My yard and garden is substantially more alive having let it go quite a bit. I’ve focused on zones that I want to keep a certain way for myself, but still tried to encourage habitat. The rest is going a bit wild and I have birds I’ve never seen, snakes, and an absolutely giant bullfrog in my dilapidated pond.

  2. YES! This is a very timely post – around these parts, my gardens are at an awkward stage between fading spring ephemerals and not-quite-there-yet summer blooms…I admit to feeling a bit worried about how it looks compared to the mow-and-blow neighbors (a side note, I had to move one of those “keep children and animals off the chemically treated grass” signs to my neighbors yard across their driveway – I don’t want anyone getting the wrong idea!). Posts like this are what keep gardeners like us going…I definitely appreciate the confidence boost – thank you! P.S.: I started following your tip awhile ago about leaving pulled weeds as mulch – it drives my parents crazy when they come to visit, but it absolutely works! 😉

  3. This post really resonated with me as we’re surrounded by these obsessively tidy suburbanites who are constantly pulling out the powered yard tools to edge, mow, blow everything into bags for the garbage. I’m doing the exact opposite – letting lots go to flower and seed, some to be eaten by the critters and others for volunteers or to save. And able to use the leaves of the seeding plants for mulch. Eventually to have a food forest instead of lawn and concrete spaces. I’ll also post this to Facebook and try to influence people to change their ways!

  4. This struck a not with me as well. I live in an area that used to be prairie, and remnants can be seen along my road, with native plants of the Silphium genus just beginning to bloom. Goldfinches wait for these seed producers to go into action before having their young, which are fed a strictly vegetarian diet – no insects. Unfortunately the farmers whose fields boarder these roads feel compelled to mow, mow, mow. I asked why this is necessary, and one farmer told me that his landlords (it’s very common to rent as well as own ground in the midwest) insist on the road ditches being mowed. It is so obvious that the natives do not persist on the frequently mowed areas. This includes milkweed, which many of us are planting in vast numbers in a grassroots effort to help the struggling monarch butterfly. A perfectly manicured lawn, especially in the country, means less habitat, for native plants as well as wildlife. So very disappointing.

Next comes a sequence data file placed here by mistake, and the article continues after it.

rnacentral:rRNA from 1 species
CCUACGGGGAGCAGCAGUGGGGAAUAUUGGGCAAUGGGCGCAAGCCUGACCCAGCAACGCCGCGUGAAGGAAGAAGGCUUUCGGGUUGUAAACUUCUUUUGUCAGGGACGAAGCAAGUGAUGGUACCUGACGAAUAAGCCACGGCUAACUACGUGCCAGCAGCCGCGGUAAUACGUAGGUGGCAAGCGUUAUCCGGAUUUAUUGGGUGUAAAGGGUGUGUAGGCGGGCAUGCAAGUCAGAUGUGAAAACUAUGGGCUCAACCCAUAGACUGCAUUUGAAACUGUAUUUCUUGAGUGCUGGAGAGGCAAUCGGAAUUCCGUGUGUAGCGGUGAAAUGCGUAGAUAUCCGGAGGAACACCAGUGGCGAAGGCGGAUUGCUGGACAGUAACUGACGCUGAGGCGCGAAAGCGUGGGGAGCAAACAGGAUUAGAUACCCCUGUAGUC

5. I struggle with this, as a lazy gardener with a desire to let nature take its course who lives on a corner lot in a suburban HOA. We compromise: the husband takes care of the lawn to HOA standards without the use of chemicals (and uses a human powered push mower, rather than a gas or electric) and I gradually turn the flower beds into edible landscape. In the fall we do leave the leaves as mulch, and in the summer we use grass clippings and thatch. But I sneak enough through the HOA loopholes that I do put some (minimal) effort into keeping everything tidy.

  6. Thank you for the info about the radish seed pods. I never knew! And I appreciate this post as it speaks to my heart that we mess around too much with nature…always trying to clean her up! I see too many people up here in the desert scraping away the weeds and then we have bad dust storms because there is nothing to hold the soil down. And in the fall all the leaves that could protect the soil are bagged up and trashed. Strangely we do not even have green recycling up here (high desert).

  7. Timely post! At the risk of sounding like we actually plan stuff around here, we ended up with both.

    We keep the front yard planted with shrubs, small and large, and a handful of perennials surrounded by over-achieving annuals so that keeping it looking nice is never too much work. Most of the annuals are dependable geraniums in a variety of colors which I never buy new, I just root clippings every fall from the old plants and overwinter them inside so they’re ready to go as soon as the weather warms.

    The backyard is a different animal. We let the plants go to seed and don’t bother removing the stalks until the birds have cleaned all the seed heads. With this set up we manage to be both neat and orderly plus spiritual and environmental – and terribly smug – all at the same time.

  8. Love this post. I call mine the imperfect garden. Each year is a surprise to see which seeds will grow and where. Leaves are left on the ground as mother nature intended so they can feed the soil.

  9. I love this post. It’s exactly what I do in my garden and it is just ALIVE with creatures. I miss old-timey lawns and yards of my childhood…so much more charming than what’s around today. When did everyone get so fussy?